#KillerBusiness: Divestment Study Guide
Earlier this year, Students Demand Action called out the gun industry and demanded they take action to save lives. Our demands include securing supply chains, refusing to work with bad actors, and stopping marketing to kids and teens. Now, to make sure they hear us, we are calling on our colleges and universities to divest from the gun industry because our schools should not be supporting or funding through investments and endowments, their killer business… And students at more than 35 schools have already signed up to begin their campaigns!
Guns are the number one killer of children, teens, and college-aged youth in America. And over 43,000 people die by guns in an average year.
Our nation’s gun violence crisis costs an estimated $557 billion annually—while the gun industry rakes in an estimated $9 billion each year. Many large employee pension funds have begun to divest from the gun industry in an effort to push gun companies to change. Colleges and universities should remove their investments, as the gun industry has failed to mitigate the harm of their business.
Divestment sends a message that we don’t accept the gun industry’s dangerous practices. Colleges and universities should refuse to fund the gun industry unless and until gun companies comply with our list of demands that would save lives. When done right, divesting from the gun industry should have no financial impact on a schools’ investment returns. Schools can still make money without investing in industries that kill kids.
But we know that talking about divestment can be challenging—so we’re here to help you feel confident when you are engaging in these conversations on your campus. You can always refer back here to your Divestment Study Guide if you forget a word or need a refresher.
Below are some words that you might hear as your divestment campaign develops. We have broken them into two groups or courses, Divestment 101 & 201:
Divestment is the opposite of investment. Rather than putting money into assets, when divesting, money is removed from assets as a result of a financial, political or ethical objective.
A financial investment is the act of putting money into assets, such as stocks and bonds, with the intention of generating growth in the money over time.
Endowments act as savings accounts for both private and public universities. When alumni and organizations donate to a university or college, those gifts are often contributed to an endowment. Universities invest the endowment to make sure that there is money in the fund for future generations of students. Universities are, in most cases, not required to disclose how their endowments are invested to the public.
An investment board is the group of people responsible for managing a university’s assets. Investment boards vary in size and have different processes for membership appointment. In addition to finance professionals, Investment Boards often engage with a consulting firm that aids them in managing the relationships with various fund managers.
Board of Trustees
A board of trustees is an appointed or elected group of individuals that has overall responsibility for the management of an organization, like a university. The board of trustees generally has the final say in all decisions regarding the endowment.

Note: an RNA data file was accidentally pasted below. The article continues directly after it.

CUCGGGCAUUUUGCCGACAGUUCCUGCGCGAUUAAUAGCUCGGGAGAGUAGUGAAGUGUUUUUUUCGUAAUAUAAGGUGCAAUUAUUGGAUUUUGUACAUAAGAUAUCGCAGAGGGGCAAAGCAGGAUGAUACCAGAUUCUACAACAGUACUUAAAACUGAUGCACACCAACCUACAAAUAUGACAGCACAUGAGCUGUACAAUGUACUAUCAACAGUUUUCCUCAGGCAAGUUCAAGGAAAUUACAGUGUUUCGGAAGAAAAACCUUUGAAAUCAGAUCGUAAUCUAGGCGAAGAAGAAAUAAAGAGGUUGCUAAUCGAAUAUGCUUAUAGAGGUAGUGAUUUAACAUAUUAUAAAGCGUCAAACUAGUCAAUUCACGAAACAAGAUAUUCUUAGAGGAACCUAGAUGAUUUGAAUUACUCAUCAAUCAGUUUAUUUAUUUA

Head/Chief Financial Officer
The chief financial officer is responsible for a college’s financial operations. They control and build the financial department, execute financial planning, manage financial risks, and oversee record keeping and financial reporting.
Socially Responsible Investment Policy
Socially Responsible Investing is an investment strategy that aims to help foster positive social and environmental outcomes while also generating positive returns. A school’s Socially Responsible Investing Policy (SRI Policy) aligns the university’s investment strategy with its commitment to social and environmental justice.
Ethical / Socially Responsible Investment Advisory Committee
The Socially Responsible Advisory Committee advises the Investment Committee on matters of social responsibility with regards to endowment fund investments.
Publicly Traded Company
A publicly traded company is a corporation whose shares can be bought and sold on a public stock exchange and is therefore subject to certain federal regulations. The company is owned by many shareholders.
Privately Held Company
A privately or closely held company is owned in its entirety by its founders, investors, members, or private shareholders. Its shares are not traded on a public stock exchange.
Board of Regents
A Board of Regents is an independent governing body that oversees a state’s public colleges and universities. The board’s power to govern the university includes financial responsibility for the assets and programs of the university, establishment of goals and policies to guide the university, and oversight of the functioning of the university.
Chief Investment Officer
The chief investment officer of a university is responsible for overseeing the endowment, including hiring people and firms to manage the funds in the endowment. The chief investment officer plays a key role in developing policies around investment, as well as investment strategies.
There you go! You made it to the end of the list. Now you can feel confident when any of these words or phrases come up in your conversation!
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